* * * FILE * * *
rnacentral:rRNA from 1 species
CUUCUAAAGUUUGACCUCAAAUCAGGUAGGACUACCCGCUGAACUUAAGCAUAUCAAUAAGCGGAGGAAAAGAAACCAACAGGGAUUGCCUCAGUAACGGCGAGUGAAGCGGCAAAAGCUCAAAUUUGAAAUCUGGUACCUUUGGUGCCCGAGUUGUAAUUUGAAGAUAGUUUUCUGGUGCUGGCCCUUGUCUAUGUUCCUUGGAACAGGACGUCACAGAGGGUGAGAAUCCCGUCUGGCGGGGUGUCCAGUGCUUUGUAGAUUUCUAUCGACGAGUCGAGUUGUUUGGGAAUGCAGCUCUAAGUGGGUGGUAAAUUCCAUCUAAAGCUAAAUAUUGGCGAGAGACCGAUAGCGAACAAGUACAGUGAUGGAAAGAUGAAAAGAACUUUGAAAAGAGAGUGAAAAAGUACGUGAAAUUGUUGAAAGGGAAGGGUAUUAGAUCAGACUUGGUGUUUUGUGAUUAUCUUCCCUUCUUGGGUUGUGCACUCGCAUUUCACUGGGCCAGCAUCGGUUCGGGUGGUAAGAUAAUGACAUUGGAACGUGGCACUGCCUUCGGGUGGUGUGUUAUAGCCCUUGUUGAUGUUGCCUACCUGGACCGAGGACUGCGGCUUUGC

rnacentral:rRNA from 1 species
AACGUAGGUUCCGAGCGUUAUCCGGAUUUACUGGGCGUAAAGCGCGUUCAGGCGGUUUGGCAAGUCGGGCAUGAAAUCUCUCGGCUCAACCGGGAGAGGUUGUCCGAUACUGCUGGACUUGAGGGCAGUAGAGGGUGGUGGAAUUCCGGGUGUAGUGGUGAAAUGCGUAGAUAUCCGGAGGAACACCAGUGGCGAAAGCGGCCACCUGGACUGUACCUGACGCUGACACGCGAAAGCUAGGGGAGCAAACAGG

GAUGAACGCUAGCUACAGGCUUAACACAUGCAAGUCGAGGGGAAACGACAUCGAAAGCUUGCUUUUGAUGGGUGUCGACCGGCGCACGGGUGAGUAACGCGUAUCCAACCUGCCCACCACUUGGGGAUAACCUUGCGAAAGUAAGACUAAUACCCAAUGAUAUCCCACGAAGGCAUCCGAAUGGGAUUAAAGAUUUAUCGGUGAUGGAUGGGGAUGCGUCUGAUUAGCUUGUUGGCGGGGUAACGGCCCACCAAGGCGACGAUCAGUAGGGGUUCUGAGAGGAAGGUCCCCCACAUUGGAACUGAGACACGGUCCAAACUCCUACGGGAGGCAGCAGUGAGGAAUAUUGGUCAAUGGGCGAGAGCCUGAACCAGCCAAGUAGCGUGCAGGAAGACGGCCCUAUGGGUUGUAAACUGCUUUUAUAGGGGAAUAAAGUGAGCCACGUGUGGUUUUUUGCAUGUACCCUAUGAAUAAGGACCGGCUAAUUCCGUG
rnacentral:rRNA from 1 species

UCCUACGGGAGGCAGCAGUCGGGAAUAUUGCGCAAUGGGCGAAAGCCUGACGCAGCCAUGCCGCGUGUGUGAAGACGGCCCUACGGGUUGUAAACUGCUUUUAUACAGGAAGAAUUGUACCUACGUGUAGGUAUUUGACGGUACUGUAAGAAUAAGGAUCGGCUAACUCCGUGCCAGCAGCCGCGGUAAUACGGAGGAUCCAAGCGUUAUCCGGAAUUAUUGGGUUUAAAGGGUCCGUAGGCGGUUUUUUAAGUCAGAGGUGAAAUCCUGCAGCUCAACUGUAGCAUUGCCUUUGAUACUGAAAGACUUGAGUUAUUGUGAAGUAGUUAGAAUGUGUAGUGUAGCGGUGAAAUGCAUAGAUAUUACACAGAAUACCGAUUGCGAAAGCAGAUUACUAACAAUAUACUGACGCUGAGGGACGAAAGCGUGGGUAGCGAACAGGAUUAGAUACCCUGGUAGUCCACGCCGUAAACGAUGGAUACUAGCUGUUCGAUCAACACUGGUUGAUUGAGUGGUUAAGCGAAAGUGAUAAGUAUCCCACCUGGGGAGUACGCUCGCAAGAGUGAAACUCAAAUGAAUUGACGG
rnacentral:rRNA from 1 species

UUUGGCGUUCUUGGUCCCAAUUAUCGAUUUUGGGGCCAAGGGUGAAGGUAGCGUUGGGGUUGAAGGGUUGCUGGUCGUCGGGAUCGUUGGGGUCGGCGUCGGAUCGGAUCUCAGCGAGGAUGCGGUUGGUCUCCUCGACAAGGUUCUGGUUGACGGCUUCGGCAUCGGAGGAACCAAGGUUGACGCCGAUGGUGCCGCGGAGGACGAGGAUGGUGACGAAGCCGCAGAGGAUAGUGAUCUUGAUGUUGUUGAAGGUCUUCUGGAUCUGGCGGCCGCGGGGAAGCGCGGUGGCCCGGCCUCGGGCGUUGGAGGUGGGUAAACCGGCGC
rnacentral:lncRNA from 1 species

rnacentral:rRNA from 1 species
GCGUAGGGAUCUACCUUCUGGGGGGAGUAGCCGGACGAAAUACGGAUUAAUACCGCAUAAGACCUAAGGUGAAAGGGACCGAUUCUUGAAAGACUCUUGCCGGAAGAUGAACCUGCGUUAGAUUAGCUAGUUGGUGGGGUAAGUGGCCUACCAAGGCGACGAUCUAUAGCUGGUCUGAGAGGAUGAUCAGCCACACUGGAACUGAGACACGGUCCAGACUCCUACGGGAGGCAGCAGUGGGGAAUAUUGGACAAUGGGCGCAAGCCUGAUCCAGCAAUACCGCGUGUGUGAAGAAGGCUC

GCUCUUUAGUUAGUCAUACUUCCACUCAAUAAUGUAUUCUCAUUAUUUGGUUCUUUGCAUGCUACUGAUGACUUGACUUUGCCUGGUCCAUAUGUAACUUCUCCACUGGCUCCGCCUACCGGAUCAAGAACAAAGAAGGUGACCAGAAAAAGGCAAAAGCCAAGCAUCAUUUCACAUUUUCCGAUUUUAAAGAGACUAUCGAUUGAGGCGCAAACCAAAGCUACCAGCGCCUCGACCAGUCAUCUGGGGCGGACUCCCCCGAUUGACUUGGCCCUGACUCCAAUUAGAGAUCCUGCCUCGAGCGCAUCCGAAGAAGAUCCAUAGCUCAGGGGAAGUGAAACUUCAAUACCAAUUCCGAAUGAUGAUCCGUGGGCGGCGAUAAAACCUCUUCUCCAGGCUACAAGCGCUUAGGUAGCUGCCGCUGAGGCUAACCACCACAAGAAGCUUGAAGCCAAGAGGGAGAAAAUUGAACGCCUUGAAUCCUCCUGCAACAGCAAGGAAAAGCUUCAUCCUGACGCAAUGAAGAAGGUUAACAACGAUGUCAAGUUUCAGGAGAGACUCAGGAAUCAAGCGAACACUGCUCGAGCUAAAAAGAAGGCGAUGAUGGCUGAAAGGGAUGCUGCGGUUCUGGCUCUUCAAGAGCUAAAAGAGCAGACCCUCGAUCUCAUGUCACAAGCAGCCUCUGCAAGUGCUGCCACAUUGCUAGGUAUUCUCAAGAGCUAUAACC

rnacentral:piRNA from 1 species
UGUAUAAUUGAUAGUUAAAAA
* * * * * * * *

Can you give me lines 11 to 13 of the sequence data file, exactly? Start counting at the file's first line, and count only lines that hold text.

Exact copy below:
rnacentral:rRNA from 1 species
GCGUAGGGAUCUACCUUCUGGGGGGAGUAGCCGGACGAAAUACGGAUUAAUACCGCAUAAGACCUAAGGUGAAAGGGACCGAUUCUUGAAAGACUCUUGCCGGAAGAUGAACCUGCGUUAGAUUAGCUAGUUGGUGGGGUAAGUGGCCUACCAAGGCGACGAUCUAUAGCUGGUCUGAGAGGAUGAUCAGCCACACUGGAACUGAGACACGGUCCAGACUCCUACGGGAGGCAGCAGUGGGGAAUAUUGGACAAUGGGCGCAAGCCUGAUCCAGCAAUACCGCGUGUGUGAAGAAGGCUC

GCUCUUUAGUUAGUCAUACUUCCACUCAAUAAUGUAUUCUCAUUAUUUGGUUCUUUGCAUGCUACUGAUGACUUGACUUUGCCUGGUCCAUAUGUAACUUCUCCACUGGCUCCGCCUACCGGAUCAAGAACAAAGAAGGUGACCAGAAAAAGGCAAAAGCCAAGCAUCAUUUCACAUUUUCCGAUUUUAAAGAGACUAUCGAUUGAGGCGCAAACCAAAGCUACCAGCGCCUCGACCAGUCAUCUGGGGCGGACUCCCCCGAUUGACUUGGCCCUGACUCCAAUUAGAGAUCCUGCCUCGAGCGCAUCCGAAGAAGAUCCAUAGCUCAGGGGAAGUGAAACUUCAAUACCAAUUCCGAAUGAUGAUCCGUGGGCGGCGAUAAAACCUCUUCUCCAGGCUACAAGCGCUUAGGUAGCUGCCGCUGAGGCUAACCACCACAAGAAGCUUGAAGCCAAGAGGGAGAAAAUUGAACGCCUUGAAUCCUCCUGCAACAGCAAGGAAAAGCUUCAUCCUGACGCAAUGAAGAAGGUUAACAACGAUGUCAAGUUUCAGGAGAGACUCAGGAAUCAAGCGAACACUGCUCGAGCUAAAAAGAAGGCGAUGAUGGCUGAAAGGGAUGCUGCGGUUCUGGCUCUUCAAGAGCUAAAAGAGCAGACCCUCGAUCUCAUGUCACAAGCAGCCUCUGCAAGUGCUGCCACAUUGCUAGGUAUUCUCAAGAGCUAUAACC